Inside My Eyelids (5)

She was, I think, the last friend I had in that church. She was, I know, the last reason I had to be there.

It was in that place where everything went as wrong, and as badly, as it possibly could have gone. It was in that place where I learned to pray to God in Heaven, as I looked to the stars in the night sky, “Father, let me die. Let me die, please. And set me free from this hell.”

I remember so many stories. The time the church’s youth director spoke with me, as we watched the water tumble over rocks, and swirl around tree roots, and branches, by a mountain stream, on a Saturday night in August, with the stars hidden from view by the trees. The only sounds being our words, and the words spoken by the stream.

“There’s something wrong with you, isn’t there.” It was a statement, not a question. I knew that when she spoke the words. Words that echoed in my soul. “There’s something wrong with you, isn’t there.”

How do you answer when someone says those words to you? Defiance? Anger? Rage? How about when they say those words, and you know, beyond doubt, that you are not like everyone else. That somehow, some way, that you can’t understand, you’re different.

I was different. And I knew it. As I knew that being different was the absolute definition of there being something wrong. I was different. That meant there was something wrong with me.

“Yes. But I don’t know what. And I don’t know how to fix it.”

There are so many stories. The time the church pastor spoke with me, “You need to stay where you are in the sanctuary. Not come forward. You’re already right with God. If something in the service speaks to you, be thankful. But stay where you are.”

That was the day the lights in the building went out. The glow of hope. The sense that maybe, perhaps, with luck, and God’s guidance, and will, I could figure out what was wrong with me. With those words, from the leader of the church, that was gone.

I watched, on Sundays, as people walked into the sanctuary, smiling, hopeful. It was like the inside of the building lit up, that light shining through the windows, leaking to the outside world. Except, I was not welcome to be part of that light.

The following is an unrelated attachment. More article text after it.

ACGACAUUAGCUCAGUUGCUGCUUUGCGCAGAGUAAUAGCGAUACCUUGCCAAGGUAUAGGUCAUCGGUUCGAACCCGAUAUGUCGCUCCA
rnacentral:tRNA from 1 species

That light avoided me.

So many stories, and yet, they’re all the same. The time the youth went on one last retreat, one last trip, for the memories, I suppose. When they had me, a 19 year old college student, lead the car train to the resort. It was the first time, the only time, we got there on time. With no incidents. With no problems.

How, on that trip, the same youth directory who told me there was something wrong with me had trouble with her footing, climbing down a steep hillside coming back from the mountain swimming hold we all went to. And no one saw that, but me. And no one was beside her, to help her, to catch her if she slipped, but me. And no one noticed at all when we got to the bottom of that hill, and she smiled at me, “Still the same good old guy, aren’t you.”

The same good old guy who dreamed of driving his car, at full speed, through the front door of the church one day, in a desperate effort to escape the bleeding of my soul, only to stand in the rubble, laughing, as God found yet another way to keep me alive, and prolong my agony.

I stopped going to that church. Except for Sunday morning classes, before the service. She was there. I couldn’t let her be wounded as I had. I told God, I didn’t ask, I told him. “I’ll be here. In this place. As long as she is. To do what I can to keep her safe.”

And I left the day she did.

That was the day the light shining from the church, a light I could never be a part of, a light not meant for me, turned orange, and red. The color of flickering flames.

I never returned to that place.

718 Words

I wrote this for week 141 of Miranda Kate‘s Mid-Week Challenge. You can learn about Miranda’s challenge here. The stories people share for the weekly challenge are always little works of art, crafted with words, meant to be shared, and enjoyed. Please go read them all.


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